For the second day federal and state officials are in Benton County getting a first-hand look at the destruction from recent floods.
“The county has been severely damaged,” said Tim Gehring, Northwest Coordinator for the Arkansas Department of Emergency Management.
Tuesday (August 20) they visited the worst-hit areas which are in the Northeast part of the county.
Those roads include: Limekiln Road, Bill Billings Road, North Old Wire Road, and Corinth Road.
FEMA and Arkansas Department of Emergency Management officials are evaluating to determine if the county qualifies for federal aid after floods August 8th.
“We have over 200 sites across the county but we have the FEMA representative randomly pick sites and we take them to the sites they want to see,” said Robert McGowen, Benton County Emergency Management Director.
“Total bridge losses here, bridge undermining’s and things like this so there`s a lot more extreme damage type assessments we are doing today,” said Gehring.
Before a federal disaster declaration can be issued, the FEMA team of environmental and mitigation specialists look at the impact of the damage.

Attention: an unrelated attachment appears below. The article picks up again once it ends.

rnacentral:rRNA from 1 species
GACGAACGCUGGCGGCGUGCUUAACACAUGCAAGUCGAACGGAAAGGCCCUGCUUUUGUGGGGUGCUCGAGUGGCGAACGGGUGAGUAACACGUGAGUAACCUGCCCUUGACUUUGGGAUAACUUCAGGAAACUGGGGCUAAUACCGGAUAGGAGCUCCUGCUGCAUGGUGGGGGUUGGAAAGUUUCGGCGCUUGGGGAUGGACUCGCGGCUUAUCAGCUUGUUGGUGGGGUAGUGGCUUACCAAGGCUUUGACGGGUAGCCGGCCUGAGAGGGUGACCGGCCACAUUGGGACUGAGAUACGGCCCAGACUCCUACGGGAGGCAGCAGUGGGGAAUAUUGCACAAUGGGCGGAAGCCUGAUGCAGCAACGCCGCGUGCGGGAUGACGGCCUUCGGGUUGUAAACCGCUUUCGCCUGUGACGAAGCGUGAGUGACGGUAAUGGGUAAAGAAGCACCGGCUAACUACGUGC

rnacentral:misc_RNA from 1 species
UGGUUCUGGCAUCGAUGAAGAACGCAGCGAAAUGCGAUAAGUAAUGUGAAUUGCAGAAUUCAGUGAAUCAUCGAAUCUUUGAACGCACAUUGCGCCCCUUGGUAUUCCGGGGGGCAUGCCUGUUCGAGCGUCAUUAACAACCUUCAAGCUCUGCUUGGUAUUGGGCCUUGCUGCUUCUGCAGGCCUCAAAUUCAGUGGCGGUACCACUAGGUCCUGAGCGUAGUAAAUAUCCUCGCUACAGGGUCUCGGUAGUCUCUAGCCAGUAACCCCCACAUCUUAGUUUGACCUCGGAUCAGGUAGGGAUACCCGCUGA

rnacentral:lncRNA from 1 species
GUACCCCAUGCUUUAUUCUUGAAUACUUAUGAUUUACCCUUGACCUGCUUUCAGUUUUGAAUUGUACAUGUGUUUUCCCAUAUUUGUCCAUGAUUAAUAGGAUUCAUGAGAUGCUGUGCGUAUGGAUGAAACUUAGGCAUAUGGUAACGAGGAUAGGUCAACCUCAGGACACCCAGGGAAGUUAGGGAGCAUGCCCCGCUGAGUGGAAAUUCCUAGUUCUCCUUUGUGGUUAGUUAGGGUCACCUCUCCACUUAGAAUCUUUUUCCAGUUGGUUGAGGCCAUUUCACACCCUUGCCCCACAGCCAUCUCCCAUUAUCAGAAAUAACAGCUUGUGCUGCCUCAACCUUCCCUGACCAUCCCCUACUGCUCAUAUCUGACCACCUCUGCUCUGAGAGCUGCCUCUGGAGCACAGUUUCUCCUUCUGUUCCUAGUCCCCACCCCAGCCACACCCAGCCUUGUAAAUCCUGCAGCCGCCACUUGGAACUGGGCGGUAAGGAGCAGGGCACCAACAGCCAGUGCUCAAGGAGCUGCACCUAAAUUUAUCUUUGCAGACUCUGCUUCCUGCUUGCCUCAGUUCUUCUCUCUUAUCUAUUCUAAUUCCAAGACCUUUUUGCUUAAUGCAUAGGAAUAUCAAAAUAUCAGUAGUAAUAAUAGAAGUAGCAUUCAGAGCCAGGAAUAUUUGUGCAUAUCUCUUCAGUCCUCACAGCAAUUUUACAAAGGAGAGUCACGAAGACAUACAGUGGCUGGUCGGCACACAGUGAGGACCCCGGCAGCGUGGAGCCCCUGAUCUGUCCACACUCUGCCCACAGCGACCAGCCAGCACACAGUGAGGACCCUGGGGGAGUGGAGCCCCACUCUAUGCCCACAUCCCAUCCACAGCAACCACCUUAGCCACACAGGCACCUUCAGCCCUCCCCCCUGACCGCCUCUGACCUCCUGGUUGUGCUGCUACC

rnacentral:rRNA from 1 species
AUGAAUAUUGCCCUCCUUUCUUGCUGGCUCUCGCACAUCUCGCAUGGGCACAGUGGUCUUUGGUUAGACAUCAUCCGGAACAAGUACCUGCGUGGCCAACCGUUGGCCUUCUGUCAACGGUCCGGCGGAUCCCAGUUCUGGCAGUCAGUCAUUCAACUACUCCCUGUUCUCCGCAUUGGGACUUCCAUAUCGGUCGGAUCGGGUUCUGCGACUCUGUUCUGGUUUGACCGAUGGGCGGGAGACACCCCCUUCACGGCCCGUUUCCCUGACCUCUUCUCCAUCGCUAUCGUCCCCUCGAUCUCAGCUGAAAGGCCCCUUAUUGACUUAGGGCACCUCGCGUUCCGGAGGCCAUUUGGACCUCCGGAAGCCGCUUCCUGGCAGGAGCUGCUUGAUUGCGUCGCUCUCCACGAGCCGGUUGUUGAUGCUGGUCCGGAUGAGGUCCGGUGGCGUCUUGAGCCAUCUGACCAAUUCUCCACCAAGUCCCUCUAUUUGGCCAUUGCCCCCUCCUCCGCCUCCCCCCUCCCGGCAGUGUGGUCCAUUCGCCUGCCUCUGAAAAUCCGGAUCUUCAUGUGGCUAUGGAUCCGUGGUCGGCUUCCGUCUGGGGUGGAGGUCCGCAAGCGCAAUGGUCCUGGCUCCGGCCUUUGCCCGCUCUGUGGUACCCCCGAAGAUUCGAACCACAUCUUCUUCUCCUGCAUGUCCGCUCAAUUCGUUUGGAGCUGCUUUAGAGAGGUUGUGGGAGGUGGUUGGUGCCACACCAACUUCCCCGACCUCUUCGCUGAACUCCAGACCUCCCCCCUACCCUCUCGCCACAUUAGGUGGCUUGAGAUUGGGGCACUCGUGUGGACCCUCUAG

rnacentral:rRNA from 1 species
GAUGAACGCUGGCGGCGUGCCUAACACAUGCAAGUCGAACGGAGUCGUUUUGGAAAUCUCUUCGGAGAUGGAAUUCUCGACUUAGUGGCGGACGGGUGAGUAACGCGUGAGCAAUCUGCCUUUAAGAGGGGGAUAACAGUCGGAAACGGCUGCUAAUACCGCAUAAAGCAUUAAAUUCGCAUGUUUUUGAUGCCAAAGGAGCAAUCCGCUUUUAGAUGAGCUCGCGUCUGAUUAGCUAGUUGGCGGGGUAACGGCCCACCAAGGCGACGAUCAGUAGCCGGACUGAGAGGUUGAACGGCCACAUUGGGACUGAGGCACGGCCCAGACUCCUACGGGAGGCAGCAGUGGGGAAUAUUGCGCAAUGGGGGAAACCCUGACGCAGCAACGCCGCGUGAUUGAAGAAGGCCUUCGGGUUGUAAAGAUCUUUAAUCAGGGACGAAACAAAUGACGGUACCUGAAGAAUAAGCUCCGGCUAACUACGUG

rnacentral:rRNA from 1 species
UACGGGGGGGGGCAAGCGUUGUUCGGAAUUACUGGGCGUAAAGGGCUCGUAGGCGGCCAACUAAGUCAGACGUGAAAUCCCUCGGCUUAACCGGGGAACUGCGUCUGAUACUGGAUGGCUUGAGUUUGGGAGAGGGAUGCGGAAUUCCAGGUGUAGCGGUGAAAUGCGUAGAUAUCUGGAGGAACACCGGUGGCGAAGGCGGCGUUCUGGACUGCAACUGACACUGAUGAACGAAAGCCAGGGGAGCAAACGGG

“We kind of get a forward view in case there is declaration so we can assign resources of costs, we know different characteristics of the disaster,” said Shay Phillips, FEMA Public Assistance Coordinator.
Preliminary damage reports by the county estimated to be almost $5 million.
If the county qualifies for a presidential declaration, the county will be reimbursed 75 percent from FEMA and a 12.5 percent from the state.
“Eighty-seven percent reimbursement compared to 35 percent if it’s just a state disaster so, a little over 50 percent more funding available than if it’s a presidential disaster. So it benefits the county tremendously especially with the amount of damage we have,” said McGowen.
After floods in April and May the county widened culverts and installed larger drainage pipes to prevent future road damage caused by floods, according to the Benton County Judge, Bob Clinard.